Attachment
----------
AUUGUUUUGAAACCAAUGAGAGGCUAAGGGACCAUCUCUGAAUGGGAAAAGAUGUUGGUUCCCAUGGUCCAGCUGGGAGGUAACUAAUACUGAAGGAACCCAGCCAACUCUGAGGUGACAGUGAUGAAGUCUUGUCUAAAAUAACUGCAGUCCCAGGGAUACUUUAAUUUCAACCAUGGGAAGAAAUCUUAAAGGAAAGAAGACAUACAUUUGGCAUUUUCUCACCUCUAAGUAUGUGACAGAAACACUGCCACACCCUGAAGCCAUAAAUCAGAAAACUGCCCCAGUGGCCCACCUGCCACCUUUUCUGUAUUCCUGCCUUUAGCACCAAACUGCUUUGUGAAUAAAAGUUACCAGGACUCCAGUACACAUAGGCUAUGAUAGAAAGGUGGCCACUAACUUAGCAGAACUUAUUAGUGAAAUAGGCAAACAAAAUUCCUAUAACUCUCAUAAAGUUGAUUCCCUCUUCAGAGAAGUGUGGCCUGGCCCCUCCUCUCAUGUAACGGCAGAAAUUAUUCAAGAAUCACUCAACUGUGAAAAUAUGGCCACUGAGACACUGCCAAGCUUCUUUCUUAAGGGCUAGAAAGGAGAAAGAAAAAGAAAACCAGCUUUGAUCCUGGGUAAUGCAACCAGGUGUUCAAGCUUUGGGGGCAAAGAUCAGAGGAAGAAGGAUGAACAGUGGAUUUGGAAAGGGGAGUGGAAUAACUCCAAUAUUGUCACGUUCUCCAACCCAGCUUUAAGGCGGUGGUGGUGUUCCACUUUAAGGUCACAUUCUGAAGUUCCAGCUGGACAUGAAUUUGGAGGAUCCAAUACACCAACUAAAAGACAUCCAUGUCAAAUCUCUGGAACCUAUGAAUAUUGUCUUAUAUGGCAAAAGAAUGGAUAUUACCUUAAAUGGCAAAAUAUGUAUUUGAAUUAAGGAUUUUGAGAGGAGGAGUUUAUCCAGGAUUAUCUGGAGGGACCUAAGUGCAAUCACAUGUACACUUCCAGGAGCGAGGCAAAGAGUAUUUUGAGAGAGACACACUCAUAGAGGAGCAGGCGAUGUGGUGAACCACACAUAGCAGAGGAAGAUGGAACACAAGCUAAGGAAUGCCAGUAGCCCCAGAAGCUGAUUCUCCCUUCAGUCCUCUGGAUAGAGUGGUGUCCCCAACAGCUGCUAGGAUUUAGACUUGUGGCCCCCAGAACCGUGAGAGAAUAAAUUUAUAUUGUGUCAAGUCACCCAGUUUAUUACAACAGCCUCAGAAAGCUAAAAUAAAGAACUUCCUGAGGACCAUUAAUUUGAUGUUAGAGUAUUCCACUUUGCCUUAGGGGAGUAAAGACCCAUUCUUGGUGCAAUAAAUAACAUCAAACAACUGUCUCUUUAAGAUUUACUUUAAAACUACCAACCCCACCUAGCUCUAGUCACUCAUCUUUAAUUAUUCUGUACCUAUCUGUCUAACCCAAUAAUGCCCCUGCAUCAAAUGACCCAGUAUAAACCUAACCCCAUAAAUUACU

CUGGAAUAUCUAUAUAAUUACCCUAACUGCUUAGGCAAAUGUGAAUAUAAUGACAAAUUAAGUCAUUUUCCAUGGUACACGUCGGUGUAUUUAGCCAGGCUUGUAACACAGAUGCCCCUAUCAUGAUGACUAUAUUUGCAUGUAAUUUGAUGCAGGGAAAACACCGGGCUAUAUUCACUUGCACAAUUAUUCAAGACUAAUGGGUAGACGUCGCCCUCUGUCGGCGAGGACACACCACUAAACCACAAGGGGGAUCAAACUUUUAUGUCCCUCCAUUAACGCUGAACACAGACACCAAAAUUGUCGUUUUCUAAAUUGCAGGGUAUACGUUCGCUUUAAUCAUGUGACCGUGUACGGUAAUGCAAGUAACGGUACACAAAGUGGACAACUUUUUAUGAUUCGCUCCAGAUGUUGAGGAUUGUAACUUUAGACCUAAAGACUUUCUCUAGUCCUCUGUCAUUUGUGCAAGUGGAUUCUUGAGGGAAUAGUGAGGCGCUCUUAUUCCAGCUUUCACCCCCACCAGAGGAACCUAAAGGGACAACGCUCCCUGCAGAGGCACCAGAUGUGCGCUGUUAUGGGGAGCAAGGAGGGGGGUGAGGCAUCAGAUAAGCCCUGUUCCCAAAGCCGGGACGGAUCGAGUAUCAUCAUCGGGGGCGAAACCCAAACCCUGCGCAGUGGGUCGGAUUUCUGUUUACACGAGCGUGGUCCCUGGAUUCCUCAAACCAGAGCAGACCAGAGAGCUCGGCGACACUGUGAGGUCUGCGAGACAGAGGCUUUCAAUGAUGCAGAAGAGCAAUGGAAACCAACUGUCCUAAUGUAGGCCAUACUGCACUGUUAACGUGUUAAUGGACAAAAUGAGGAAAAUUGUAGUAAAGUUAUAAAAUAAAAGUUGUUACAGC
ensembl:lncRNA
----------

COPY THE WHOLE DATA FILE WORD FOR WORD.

AUUGUUUUGAAACCAAUGAGAGGCUAAGGGACCAUCUCUGAAUGGGAAAAGAUGUUGGUUCCCAUGGUCCAGCUGGGAGGUAACUAAUACUGAAGGAACCCAGCCAACUCUGAGGUGACAGUGAUGAAGUCUUGUCUAAAAUAACUGCAGUCCCAGGGAUACUUUAAUUUCAACCAUGGGAAGAAAUCUUAAAGGAAAGAAGACAUACAUUUGGCAUUUUCUCACCUCUAAGUAUGUGACAGAAACACUGCCACACCCUGAAGCCAUAAAUCAGAAAACUGCCCCAGUGGCCCACCUGCCACCUUUUCUGUAUUCCUGCCUUUAGCACCAAACUGCUUUGUGAAUAAAAGUUACCAGGACUCCAGUACACAUAGGCUAUGAUAGAAAGGUGGCCACUAACUUAGCAGAACUUAUUAGUGAAAUAGGCAAACAAAAUUCCUAUAACUCUCAUAAAGUUGAUUCCCUCUUCAGAGAAGUGUGGCCUGGCCCCUCCUCUCAUGUAACGGCAGAAAUUAUUCAAGAAUCACUCAACUGUGAAAAUAUGGCCACUGAGACACUGCCAAGCUUCUUUCUUAAGGGCUAGAAAGGAGAAAGAAAAAGAAAACCAGCUUUGAUCCUGGGUAAUGCAACCAGGUGUUCAAGCUUUGGGGGCAAAGAUCAGAGGAAGAAGGAUGAACAGUGGAUUUGGAAAGGGGAGUGGAAUAACUCCAAUAUUGUCACGUUCUCCAACCCAGCUUUAAGGCGGUGGUGGUGUUCCACUUUAAGGUCACAUUCUGAAGUUCCAGCUGGACAUGAAUUUGGAGGAUCCAAUACACCAACUAAAAGACAUCCAUGUCAAAUCUCUGGAACCUAUGAAUAUUGUCUUAUAUGGCAAAAGAAUGGAUAUUACCUUAAAUGGCAAAAUAUGUAUUUGAAUUAAGGAUUUUGAGAGGAGGAGUUUAUCCAGGAUUAUCUGGAGGGACCUAAGUGCAAUCACAUGUACACUUCCAGGAGCGAGGCAAAGAGUAUUUUGAGAGAGACACACUCAUAGAGGAGCAGGCGAUGUGGUGAACCACACAUAGCAGAGGAAGAUGGAACACAAGCUAAGGAAUGCCAGUAGCCCCAGAAGCUGAUUCUCCCUUCAGUCCUCUGGAUAGAGUGGUGUCCCCAACAGCUGCUAGGAUUUAGACUUGUGGCCCCCAGAACCGUGAGAGAAUAAAUUUAUAUUGUGUCAAGUCACCCAGUUUAUUACAACAGCCUCAGAAAGCUAAAAUAAAGAACUUCCUGAGGACCAUUAAUUUGAUGUUAGAGUAUUCCACUUUGCCUUAGGGGAGUAAAGACCCAUUCUUGGUGCAAUAAAUAACAUCAAACAACUGUCUCUUUAAGAUUUACUUUAAAACUACCAACCCCACCUAGCUCUAGUCACUCAUCUUUAAUUAUUCUGUACCUAUCUGUCUAACCCAAUAAUGCCCCUGCAUCAAAUGACCCAGUAUAAACCUAACCCCAUAAAUUACU

CUGGAAUAUCUAUAUAAUUACCCUAACUGCUUAGGCAAAUGUGAAUAUAAUGACAAAUUAAGUCAUUUUCCAUGGUACACGUCGGUGUAUUUAGCCAGGCUUGUAACACAGAUGCCCCUAUCAUGAUGACUAUAUUUGCAUGUAAUUUGAUGCAGGGAAAACACCGGGCUAUAUUCACUUGCACAAUUAUUCAAGACUAAUGGGUAGACGUCGCCCUCUGUCGGCGAGGACACACCACUAAACCACAAGGGGGAUCAAACUUUUAUGUCCCUCCAUUAACGCUGAACACAGACACCAAAAUUGUCGUUUUCUAAAUUGCAGGGUAUACGUUCGCUUUAAUCAUGUGACCGUGUACGGUAAUGCAAGUAACGGUACACAAAGUGGACAACUUUUUAUGAUUCGCUCCAGAUGUUGAGGAUUGUAACUUUAGACCUAAAGACUUUCUCUAGUCCUCUGUCAUUUGUGCAAGUGGAUUCUUGAGGGAAUAGUGAGGCGCUCUUAUUCCAGCUUUCACCCCCACCAGAGGAACCUAAAGGGACAACGCUCCCUGCAGAGGCACCAGAUGUGCGCUGUUAUGGGGAGCAAGGAGGGGGGUGAGGCAUCAGAUAAGCCCUGUUCCCAAAGCCGGGACGGAUCGAGUAUCAUCAUCGGGGGCGAAACCCAAACCCUGCGCAGUGGGUCGGAUUUCUGUUUACACGAGCGUGGUCCCUGGAUUCCUCAAACCAGAGCAGACCAGAGAGCUCGGCGACACUGUGAGGUCUGCGAGACAGAGGCUUUCAAUGAUGCAGAAGAGCAAUGGAAACCAACUGUCCUAAUGUAGGCCAUACUGCACUGUUAACGUGUUAAUGGACAAAAUGAGGAAAAUUGUAGUAAAGUUAUAAAAUAAAAGUUGUUACAGC
ensembl:lncRNA